Please tell us a bit more about your background and day-to-day role at Secret Bottle shop.

Over the past 15 years, I've immersed myself in the dynamic world of Hospitality and Events, overseeing ventures such as weddings, live events, fine dining restaurants and high-end cocktail bars. My expertise lies in customer-facing roles, and my passion for meticulous organisation aligns with the intricate details of event management. The Secret Bottle Shop felt like the perfect fit for me, given my lifelong love for wine. In my daily role, I handle customer service enquiries, manage our events calendar, and contribute to both our physical store and online operations as necessary.

Can you share a story or example of a woman who has inspired or influenced you in your career or personal life, and how their actions have made a positive impact?

To be honest, in terms of my career, my journey has often been in a male-dominated space. It hasn't stopped me, though – it's fuelled my determination to reach higher levels. My rock through it all is my mum; she's my strength and empowers me every day.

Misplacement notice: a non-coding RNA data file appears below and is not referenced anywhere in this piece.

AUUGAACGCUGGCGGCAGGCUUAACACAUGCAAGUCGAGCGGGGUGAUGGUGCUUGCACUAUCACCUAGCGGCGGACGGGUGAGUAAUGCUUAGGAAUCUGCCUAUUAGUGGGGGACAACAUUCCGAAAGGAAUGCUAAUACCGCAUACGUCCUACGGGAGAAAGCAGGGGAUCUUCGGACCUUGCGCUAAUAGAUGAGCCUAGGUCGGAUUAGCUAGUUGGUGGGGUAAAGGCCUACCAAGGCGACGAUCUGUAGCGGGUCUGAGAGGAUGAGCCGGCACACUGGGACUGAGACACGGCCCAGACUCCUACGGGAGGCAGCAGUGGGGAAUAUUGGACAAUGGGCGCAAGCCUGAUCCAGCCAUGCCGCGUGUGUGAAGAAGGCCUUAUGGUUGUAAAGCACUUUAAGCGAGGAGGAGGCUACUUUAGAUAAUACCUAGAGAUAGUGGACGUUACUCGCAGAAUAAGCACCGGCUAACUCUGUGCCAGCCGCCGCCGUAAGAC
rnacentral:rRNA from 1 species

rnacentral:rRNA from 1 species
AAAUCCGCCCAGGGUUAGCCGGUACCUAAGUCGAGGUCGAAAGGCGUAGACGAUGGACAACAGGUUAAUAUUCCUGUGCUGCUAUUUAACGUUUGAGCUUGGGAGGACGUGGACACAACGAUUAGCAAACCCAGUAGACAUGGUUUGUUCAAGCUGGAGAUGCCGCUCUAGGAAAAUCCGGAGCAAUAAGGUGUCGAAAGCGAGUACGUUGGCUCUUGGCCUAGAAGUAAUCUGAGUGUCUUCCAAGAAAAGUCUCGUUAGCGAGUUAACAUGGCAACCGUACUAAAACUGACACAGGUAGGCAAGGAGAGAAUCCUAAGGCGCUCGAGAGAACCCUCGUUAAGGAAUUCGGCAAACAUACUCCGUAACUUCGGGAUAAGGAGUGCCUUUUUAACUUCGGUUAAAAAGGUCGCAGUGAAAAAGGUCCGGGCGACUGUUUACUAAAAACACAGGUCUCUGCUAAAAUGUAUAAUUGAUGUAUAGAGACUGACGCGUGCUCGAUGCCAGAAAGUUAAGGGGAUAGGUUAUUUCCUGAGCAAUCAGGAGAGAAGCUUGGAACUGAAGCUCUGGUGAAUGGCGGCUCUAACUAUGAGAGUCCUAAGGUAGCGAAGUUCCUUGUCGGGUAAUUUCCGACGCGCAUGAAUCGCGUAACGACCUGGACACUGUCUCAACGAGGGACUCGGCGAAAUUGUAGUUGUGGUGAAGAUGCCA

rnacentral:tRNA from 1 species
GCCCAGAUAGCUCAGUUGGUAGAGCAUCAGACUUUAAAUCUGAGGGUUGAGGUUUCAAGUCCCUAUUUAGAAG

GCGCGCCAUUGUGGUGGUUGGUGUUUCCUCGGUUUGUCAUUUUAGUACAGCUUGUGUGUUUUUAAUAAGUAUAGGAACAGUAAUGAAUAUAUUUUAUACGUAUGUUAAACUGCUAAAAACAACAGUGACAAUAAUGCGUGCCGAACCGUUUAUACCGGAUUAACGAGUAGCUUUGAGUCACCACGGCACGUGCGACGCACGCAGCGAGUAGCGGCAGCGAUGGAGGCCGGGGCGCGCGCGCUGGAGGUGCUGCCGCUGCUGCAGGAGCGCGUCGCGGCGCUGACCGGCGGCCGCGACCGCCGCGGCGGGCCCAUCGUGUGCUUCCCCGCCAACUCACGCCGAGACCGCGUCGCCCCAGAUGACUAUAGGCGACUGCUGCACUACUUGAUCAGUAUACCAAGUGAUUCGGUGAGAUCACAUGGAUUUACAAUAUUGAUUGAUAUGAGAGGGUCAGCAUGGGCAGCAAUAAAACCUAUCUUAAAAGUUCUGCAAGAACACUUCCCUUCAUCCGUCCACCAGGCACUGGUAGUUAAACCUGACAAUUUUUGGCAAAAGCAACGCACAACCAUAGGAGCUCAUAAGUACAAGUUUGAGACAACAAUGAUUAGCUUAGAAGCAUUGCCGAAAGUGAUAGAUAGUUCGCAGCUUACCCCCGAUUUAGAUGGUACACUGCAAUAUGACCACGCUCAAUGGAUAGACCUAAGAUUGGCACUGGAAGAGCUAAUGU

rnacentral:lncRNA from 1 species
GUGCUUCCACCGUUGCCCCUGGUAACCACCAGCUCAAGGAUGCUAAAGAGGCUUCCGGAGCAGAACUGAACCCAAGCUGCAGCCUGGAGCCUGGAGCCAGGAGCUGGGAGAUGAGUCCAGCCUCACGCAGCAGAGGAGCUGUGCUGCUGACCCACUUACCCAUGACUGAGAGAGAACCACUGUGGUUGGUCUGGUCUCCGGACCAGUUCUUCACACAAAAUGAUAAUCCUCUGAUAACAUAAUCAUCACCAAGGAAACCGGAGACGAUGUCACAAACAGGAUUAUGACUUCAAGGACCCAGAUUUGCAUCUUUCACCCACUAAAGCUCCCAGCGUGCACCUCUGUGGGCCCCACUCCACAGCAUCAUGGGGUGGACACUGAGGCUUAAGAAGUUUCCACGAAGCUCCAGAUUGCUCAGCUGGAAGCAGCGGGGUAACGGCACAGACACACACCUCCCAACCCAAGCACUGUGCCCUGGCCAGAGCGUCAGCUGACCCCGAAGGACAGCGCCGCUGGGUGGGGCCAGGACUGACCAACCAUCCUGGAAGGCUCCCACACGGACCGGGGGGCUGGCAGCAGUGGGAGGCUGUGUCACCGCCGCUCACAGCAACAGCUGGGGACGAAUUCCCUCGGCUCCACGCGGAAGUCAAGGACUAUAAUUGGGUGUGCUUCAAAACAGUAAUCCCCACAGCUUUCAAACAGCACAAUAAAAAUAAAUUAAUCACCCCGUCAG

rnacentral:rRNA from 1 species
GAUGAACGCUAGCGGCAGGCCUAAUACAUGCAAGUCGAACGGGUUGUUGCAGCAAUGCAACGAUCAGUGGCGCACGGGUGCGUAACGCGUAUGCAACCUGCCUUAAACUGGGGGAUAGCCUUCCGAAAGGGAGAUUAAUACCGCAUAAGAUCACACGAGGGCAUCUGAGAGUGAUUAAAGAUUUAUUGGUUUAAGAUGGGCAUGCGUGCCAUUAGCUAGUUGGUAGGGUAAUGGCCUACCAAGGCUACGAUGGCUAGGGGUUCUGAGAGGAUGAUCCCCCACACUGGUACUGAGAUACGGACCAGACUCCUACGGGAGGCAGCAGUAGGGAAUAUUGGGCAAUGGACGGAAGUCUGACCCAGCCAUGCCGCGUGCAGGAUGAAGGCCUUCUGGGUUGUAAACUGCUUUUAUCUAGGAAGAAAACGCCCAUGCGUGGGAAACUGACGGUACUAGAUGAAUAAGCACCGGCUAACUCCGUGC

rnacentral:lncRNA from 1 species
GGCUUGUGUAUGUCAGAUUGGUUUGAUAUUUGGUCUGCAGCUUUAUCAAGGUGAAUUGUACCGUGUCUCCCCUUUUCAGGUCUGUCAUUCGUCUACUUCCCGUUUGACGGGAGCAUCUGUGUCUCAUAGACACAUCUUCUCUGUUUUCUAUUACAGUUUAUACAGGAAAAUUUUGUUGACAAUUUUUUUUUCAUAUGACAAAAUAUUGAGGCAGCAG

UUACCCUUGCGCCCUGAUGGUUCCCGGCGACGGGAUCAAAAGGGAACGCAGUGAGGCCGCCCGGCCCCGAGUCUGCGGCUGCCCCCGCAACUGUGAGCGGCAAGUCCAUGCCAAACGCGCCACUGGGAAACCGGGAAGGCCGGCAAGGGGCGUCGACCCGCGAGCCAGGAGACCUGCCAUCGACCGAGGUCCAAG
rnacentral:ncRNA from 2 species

Reflecting on the theme of this year's International Women's Day, #InspireInclusion, what steps do you believe businesses can take to empower in the workplace?

 I believe it's crucial to establish a fair and level playing field in the workplace, ensuring equal opportunities for female employees. While I'm fortunate in my current workplace, I think other organisations could provide greater flexibility in terms of working hours, enabling women to better accommodate their children's needs.

How do you like to drink a Gattertop vodka?

I love a Gattertop Damson vodka mixed with a good glass of fizz! Perfect combination!

International Women's Day, Florence at Glasshouse Bar, Tunbridge Wells pouring Gattertop Drinks Damson vodka liqueur

Florence: Bartender/ Assistant General Manager

Florence is a budding mixologist with six months of experience in her current role at the Glasshouse Bar in Tunbridge Wells. Prior to this, she honed her skills as an Assistant General Manager at a pub. Though still discovering her own style, Florence leans towards the classic approach to mixology, drawing inspiration from her mentors and continuously expanding her knowledge base. She thrives on the creative aspect of her craft, viewing mixology as an art form where the energy invested directly influences the final product. Florence takes great pride in her work and finds joy in sharing her creations with others, believing that they reflect the passion and dedication she puts into each cocktail.


As a female bartender, what distinct perspectives do you bring to your role, and how do you leverage them to innovate and elevate the customer experience?